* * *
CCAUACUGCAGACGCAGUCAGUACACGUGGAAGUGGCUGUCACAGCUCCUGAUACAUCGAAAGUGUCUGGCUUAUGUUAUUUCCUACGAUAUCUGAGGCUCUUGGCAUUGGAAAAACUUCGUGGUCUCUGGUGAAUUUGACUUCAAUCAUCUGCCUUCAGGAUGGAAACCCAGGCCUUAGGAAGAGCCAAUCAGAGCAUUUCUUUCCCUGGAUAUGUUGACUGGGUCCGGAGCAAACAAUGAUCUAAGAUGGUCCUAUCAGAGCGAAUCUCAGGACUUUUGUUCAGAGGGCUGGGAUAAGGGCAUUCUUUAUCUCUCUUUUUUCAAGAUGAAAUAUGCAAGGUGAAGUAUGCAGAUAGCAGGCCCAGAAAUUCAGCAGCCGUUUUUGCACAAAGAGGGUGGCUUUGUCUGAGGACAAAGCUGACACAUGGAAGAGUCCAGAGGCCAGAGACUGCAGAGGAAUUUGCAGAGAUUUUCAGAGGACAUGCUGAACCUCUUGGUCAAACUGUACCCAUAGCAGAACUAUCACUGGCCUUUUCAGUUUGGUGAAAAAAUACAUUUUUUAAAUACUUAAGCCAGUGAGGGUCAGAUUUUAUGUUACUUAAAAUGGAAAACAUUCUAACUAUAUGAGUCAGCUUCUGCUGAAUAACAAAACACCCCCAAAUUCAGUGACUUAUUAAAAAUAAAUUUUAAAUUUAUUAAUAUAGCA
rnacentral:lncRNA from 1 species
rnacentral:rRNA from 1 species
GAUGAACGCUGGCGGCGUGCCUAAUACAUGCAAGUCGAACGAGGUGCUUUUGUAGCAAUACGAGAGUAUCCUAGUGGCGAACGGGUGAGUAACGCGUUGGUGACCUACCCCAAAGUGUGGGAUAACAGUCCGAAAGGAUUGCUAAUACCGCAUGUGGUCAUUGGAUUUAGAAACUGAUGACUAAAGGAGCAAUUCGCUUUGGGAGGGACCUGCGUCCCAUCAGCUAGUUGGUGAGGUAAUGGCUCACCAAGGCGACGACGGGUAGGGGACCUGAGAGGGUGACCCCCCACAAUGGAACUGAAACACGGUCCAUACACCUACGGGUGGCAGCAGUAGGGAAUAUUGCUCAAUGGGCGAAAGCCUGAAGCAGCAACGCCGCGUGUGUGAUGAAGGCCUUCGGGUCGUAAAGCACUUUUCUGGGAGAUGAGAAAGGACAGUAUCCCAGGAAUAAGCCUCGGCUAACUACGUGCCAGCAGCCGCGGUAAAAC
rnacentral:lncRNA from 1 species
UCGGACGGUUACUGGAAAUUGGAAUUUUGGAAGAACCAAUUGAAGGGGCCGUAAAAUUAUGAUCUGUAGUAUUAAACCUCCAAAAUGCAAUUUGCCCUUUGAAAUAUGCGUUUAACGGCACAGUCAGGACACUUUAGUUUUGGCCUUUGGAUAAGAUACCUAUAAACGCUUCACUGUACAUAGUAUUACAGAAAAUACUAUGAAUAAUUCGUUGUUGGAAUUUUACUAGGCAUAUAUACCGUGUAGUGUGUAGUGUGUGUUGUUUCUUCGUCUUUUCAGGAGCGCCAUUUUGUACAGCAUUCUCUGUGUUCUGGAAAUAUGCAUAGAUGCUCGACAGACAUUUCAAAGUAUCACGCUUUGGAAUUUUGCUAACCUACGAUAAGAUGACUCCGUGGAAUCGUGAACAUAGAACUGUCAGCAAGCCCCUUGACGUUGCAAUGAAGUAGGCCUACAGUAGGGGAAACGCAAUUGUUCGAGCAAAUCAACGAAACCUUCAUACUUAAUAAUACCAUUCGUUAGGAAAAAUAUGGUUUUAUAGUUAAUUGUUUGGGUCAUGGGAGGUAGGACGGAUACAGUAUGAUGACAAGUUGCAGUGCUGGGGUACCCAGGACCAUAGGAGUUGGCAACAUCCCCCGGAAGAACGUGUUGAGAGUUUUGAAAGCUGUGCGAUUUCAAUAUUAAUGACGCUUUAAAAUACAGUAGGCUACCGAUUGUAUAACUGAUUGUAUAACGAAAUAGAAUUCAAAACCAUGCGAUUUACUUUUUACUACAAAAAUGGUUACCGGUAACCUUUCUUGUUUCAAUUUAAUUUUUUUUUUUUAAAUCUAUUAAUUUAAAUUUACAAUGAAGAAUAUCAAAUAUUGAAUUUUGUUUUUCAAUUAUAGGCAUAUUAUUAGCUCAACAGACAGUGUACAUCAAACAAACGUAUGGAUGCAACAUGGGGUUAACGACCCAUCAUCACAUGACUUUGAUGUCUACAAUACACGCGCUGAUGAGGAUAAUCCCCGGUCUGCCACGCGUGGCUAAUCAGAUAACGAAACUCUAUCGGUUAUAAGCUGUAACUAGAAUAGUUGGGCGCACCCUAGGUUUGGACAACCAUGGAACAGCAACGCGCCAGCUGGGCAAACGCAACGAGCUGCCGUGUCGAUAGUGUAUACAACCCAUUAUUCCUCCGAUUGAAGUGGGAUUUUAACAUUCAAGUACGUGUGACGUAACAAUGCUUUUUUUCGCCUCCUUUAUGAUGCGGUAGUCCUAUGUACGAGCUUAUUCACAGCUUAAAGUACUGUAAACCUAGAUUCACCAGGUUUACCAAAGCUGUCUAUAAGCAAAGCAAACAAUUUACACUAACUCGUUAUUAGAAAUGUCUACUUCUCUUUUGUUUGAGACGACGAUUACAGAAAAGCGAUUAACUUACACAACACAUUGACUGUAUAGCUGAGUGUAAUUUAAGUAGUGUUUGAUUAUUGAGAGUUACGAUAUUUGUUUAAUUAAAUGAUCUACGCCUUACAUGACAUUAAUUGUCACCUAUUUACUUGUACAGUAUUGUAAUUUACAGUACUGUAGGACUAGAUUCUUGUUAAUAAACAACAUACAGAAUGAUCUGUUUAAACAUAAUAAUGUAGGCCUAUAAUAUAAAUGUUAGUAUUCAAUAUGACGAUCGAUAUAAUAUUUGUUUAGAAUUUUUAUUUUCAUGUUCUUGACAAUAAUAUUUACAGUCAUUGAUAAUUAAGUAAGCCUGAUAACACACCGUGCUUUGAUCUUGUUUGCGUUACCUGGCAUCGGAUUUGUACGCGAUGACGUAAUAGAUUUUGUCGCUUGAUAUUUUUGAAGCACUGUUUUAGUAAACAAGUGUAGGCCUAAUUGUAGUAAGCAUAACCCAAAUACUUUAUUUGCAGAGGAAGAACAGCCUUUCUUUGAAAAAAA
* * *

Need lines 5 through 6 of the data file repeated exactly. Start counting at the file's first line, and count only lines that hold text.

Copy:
rnacentral:lncRNA from 1 species
UCGGACGGUUACUGGAAAUUGGAAUUUUGGAAGAACCAAUUGAAGGGGCCGUAAAAUUAUGAUCUGUAGUAUUAAACCUCCAAAAUGCAAUUUGCCCUUUGAAAUAUGCGUUUAACGGCACAGUCAGGACACUUUAGUUUUGGCCUUUGGAUAAGAUACCUAUAAACGCUUCACUGUACAUAGUAUUACAGAAAAUACUAUGAAUAAUUCGUUGUUGGAAUUUUACUAGGCAUAUAUACCGUGUAGUGUGUAGUGUGUGUUGUUUCUUCGUCUUUUCAGGAGCGCCAUUUUGUACAGCAUUCUCUGUGUUCUGGAAAUAUGCAUAGAUGCUCGACAGACAUUUCAAAGUAUCACGCUUUGGAAUUUUGCUAACCUACGAUAAGAUGACUCCGUGGAAUCGUGAACAUAGAACUGUCAGCAAGCCCCUUGACGUUGCAAUGAAGUAGGCCUACAGUAGGGGAAACGCAAUUGUUCGAGCAAAUCAACGAAACCUUCAUACUUAAUAAUACCAUUCGUUAGGAAAAAUAUGGUUUUAUAGUUAAUUGUUUGGGUCAUGGGAGGUAGGACGGAUACAGUAUGAUGACAAGUUGCAGUGCUGGGGUACCCAGGACCAUAGGAGUUGGCAACAUCCCCCGGAAGAACGUGUUGAGAGUUUUGAAAGCUGUGCGAUUUCAAUAUUAAUGACGCUUUAAAAUACAGUAGGCUACCGAUUGUAUAACUGAUUGUAUAACGAAAUAGAAUUCAAAACCAUGCGAUUUACUUUUUACUACAAAAAUGGUUACCGGUAACCUUUCUUGUUUCAAUUUAAUUUUUUUUUUUUAAAUCUAUUAAUUUAAAUUUACAAUGAAGAAUAUCAAAUAUUGAAUUUUGUUUUUCAAUUAUAGGCAUAUUAUUAGCUCAACAGACAGUGUACAUCAAACAAACGUAUGGAUGCAACAUGGGGUUAACGACCCAUCAUCACAUGACUUUGAUGUCUACAAUACACGCGCUGAUGAGGAUAAUCCCCGGUCUGCCACGCGUGGCUAAUCAGAUAACGAAACUCUAUCGGUUAUAAGCUGUAACUAGAAUAGUUGGGCGCACCCUAGGUUUGGACAACCAUGGAACAGCAACGCGCCAGCUGGGCAAACGCAACGAGCUGCCGUGUCGAUAGUGUAUACAACCCAUUAUUCCUCCGAUUGAAGUGGGAUUUUAACAUUCAAGUACGUGUGACGUAACAAUGCUUUUUUUCGCCUCCUUUAUGAUGCGGUAGUCCUAUGUACGAGCUUAUUCACAGCUUAAAGUACUGUAAACCUAGAUUCACCAGGUUUACCAAAGCUGUCUAUAAGCAAAGCAAACAAUUUACACUAACUCGUUAUUAGAAAUGUCUACUUCUCUUUUGUUUGAGACGACGAUUACAGAAAAGCGAUUAACUUACACAACACAUUGACUGUAUAGCUGAGUGUAAUUUAAGUAGUGUUUGAUUAUUGAGAGUUACGAUAUUUGUUUAAUUAAAUGAUCUACGCCUUACAUGACAUUAAUUGUCACCUAUUUACUUGUACAGUAUUGUAAUUUACAGUACUGUAGGACUAGAUUCUUGUUAAUAAACAACAUACAGAAUGAUCUGUUUAAACAUAAUAAUGUAGGCCUAUAAUAUAAAUGUUAGUAUUCAAUAUGACGAUCGAUAUAAUAUUUGUUUAGAAUUUUUAUUUUCAUGUUCUUGACAAUAAUAUUUACAGUCAUUGAUAAUUAAGUAAGCCUGAUAACACACCGUGCUUUGAUCUUGUUUGCGUUACCUGGCAUCGGAUUUGUACGCGAUGACGUAAUAGAUUUUGUCGCUUGAUAUUUUUGAAGCACUGUUUUAGUAAACAAGUGUAGGCCUAAUUGUAGUAAGCAUAACCCAAAUACUUUAUUUGCAGAGGAAGAACAGCCUUUCUUUGAAAAAAA